To help people understand what is and how to use a Sine Bar, and maybe understand a little better the post that Dave has done about his Sine Plate.

http://www.modelenginemaker.com/index.php/topic,487.msg3828.html#msg3828######################################################################

This post isn't for those people who do everything by the book and only use the best equipment.

What I am about to show you is a relatively cheap method to get good levels of angle accuracy.

Whether you know or not, the sine bar is a method of producing very accurate angle measurement, if you know how to use one.

It can also be a rather expensive way of doing it, due to the cost of a top quality precision sine bars and the related slips gauges that are normally used with them. But help is at hand.

These are what is called 'value' sine bars, the 5" one cost me less than 20 pounds and the small one, which I purchased recently was less than 6 pounds. You can spend hundreds on buying one, but for general workshop use, one of these would do just fine.

This shows you what they look like.

http://littlemachineshop.com/products/product_view.php?ProductID=3760Sorry that they are no longer available from that source, but it does give you an idea of how much they cost and what to look for.

Even though they are cheap, it doesn't mean you should throw them about, you treat them as you would any other precision instrument. If it doesn't come with a storage box, they should be stored by resting on one of the sides, as shown by the small one. The top top face and the bottom of the rolls are the critical bits.

This is how they are normally used, either sitting on a parallel, or another true flat face. One end is supported on a stack of slips that have been built up to the required height to put the top face at the correct angle.

Getting that required height can be rather daunting for the newcomer, because of the calculations involved.

I am going to show you a way where the calculations are done for you, and you should get acceptable accuracy on your angle.

You first need a small engineering conversion program installed on your computer, this shows the one I use the most. It must have a right angle triangle calculator program within it's walls. I have gone through the getting the bit you need stage in numerical order, so it should be very easy to carry out.

You can obtain it from here, free of charge.

http://home.scarlet.be/mini-draaien-frezen/engels/program-01.htmlHow to use.

1) Select 'Right Angle Triangle', this main page appears.

2) These bits are to do with what you are trying to achieve. The Hypotenuse is the distance between centres of YOUR Sine bar, and the angle is the one you want your bar to sit at. You need to find the length of Side 2. So select 'Hypotenuse and Angle A'.

3) This is where you select your input and output figures. Mine is set to Imperial with Degrees, Minutes and Seconds (DMS). If you wanted Metric with Decimal Input and Output, then just select those buttons.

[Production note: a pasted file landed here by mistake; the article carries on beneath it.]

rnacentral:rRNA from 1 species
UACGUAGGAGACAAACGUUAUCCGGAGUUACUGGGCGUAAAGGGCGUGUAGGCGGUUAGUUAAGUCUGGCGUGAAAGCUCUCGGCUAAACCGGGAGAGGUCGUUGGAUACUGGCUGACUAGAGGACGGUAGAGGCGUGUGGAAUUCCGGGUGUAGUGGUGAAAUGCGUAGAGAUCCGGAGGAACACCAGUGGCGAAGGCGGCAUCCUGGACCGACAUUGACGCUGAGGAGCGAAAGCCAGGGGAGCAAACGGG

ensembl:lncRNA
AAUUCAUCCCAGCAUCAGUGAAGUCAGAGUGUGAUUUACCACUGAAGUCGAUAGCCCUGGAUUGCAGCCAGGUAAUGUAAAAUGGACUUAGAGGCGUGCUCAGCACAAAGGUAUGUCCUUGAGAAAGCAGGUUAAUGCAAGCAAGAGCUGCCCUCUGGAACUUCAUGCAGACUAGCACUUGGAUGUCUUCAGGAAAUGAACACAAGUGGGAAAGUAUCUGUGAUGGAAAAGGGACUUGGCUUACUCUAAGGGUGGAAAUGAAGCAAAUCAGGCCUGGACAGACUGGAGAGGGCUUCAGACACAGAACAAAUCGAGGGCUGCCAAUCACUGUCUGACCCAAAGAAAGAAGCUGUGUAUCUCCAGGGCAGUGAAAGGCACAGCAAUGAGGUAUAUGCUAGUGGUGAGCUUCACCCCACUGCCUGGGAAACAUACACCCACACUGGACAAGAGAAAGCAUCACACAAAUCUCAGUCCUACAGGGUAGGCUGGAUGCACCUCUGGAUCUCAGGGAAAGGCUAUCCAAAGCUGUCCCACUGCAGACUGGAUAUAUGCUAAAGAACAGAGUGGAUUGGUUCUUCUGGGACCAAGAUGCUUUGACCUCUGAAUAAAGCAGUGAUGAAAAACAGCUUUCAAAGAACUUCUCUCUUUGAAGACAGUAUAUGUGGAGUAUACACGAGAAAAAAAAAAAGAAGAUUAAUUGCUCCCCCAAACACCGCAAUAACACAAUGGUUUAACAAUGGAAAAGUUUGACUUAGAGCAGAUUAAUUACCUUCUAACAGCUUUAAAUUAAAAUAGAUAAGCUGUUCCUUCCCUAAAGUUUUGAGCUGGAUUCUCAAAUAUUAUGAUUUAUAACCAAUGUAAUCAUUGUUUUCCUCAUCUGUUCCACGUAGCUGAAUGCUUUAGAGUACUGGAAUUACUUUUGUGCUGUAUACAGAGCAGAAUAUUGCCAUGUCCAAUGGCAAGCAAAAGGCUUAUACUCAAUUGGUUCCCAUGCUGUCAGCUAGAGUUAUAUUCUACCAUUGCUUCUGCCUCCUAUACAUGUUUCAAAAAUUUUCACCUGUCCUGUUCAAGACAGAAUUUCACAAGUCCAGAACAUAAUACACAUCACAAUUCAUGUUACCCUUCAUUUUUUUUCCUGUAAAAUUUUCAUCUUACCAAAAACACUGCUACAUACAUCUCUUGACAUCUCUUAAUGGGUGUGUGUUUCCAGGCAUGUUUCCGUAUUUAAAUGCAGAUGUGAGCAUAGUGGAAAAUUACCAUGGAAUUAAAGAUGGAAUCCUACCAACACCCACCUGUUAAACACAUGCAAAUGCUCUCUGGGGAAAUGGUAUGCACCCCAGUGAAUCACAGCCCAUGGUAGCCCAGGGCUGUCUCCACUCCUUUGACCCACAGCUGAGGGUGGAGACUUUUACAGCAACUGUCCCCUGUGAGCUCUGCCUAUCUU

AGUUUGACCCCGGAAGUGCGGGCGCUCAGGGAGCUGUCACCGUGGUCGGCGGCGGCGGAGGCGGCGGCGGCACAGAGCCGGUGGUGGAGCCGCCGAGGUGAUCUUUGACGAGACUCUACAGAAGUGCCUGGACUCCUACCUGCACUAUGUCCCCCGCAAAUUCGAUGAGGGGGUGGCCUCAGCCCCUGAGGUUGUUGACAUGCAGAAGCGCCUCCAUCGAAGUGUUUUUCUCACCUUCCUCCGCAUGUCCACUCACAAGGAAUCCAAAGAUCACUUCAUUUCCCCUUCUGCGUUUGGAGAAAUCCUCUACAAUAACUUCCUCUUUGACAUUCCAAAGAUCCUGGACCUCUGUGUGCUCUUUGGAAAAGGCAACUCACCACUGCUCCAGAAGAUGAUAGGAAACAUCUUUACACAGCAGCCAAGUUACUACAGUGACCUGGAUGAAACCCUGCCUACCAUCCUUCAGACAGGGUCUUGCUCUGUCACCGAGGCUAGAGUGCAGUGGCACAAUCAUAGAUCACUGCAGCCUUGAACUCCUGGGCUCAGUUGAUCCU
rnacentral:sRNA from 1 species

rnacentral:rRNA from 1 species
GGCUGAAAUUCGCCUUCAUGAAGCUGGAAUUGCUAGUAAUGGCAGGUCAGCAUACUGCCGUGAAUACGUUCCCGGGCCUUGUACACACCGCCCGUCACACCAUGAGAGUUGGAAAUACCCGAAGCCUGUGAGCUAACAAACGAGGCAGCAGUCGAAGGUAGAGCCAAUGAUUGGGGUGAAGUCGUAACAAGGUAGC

4) This is where you input your figures, the top figure is the distance between centres on YOUR particular Sine bar, then you input the angle you require, again, this shows what I entered in DMS, you could enter yours in decimal if you had selected that option. Underneath the input, you will see a button for selecting the accuracy of output. I have selected 3, which gives the output to 3 decimal places, in fact in thous (mils) if you are in Imperial. If you are using metric, then I would suggest #2. You could select 6 decimal places, to give you super accuracy, but I think you would have trouble getting your spacer pack to the right height.

5) That is the figure you require for your spacer pack height, that you sit under one of the Sine bar rollers to give you the angle that you require.

It does look rather complicated, but it isn't. Just look at the ovals in order, input your figures, and once you have done it once, you will never have trouble again.

Marv also has a little program the he has written that will also do the same function, I am sure if he reads this he will show you all about it.

There are many ways you can obtain that figure, even by the use of a normal scientific calculator.

The choice is all yours.

This is the controversial bit, what to use instead of those very expensive slip sets.

I have two of the expensive ones, donated to me many years ago, but I always use these little jobbies that a friend picked up for me when he visited the US with his work.

http://littlemachineshop.com/products/product_view.php?ProductID=1757&category=988300808So you still don't want to fork out any more cash?

Then grab your trusty mic and go around your shop measuring the thickness of things, and by holding the bits together, and using a set of feeler gauges as fine tuning, you will soon find you can get to the height you want.

If that is too much like hard work, then dive in on your lathe and turn a piece of something down to the same diameter as the height you need, and depending how the sine bar is situated, you can either leave the turned down bit on the original bar, or just part it off. But remember, don't try to put the round edges against each other, they need to be at 90 degrees to stop things rolling about.

I hope that this has helped to explain how easy a sine bar can be used, and it is not in the domains of master machinists, as a lot of beginners suspect.

John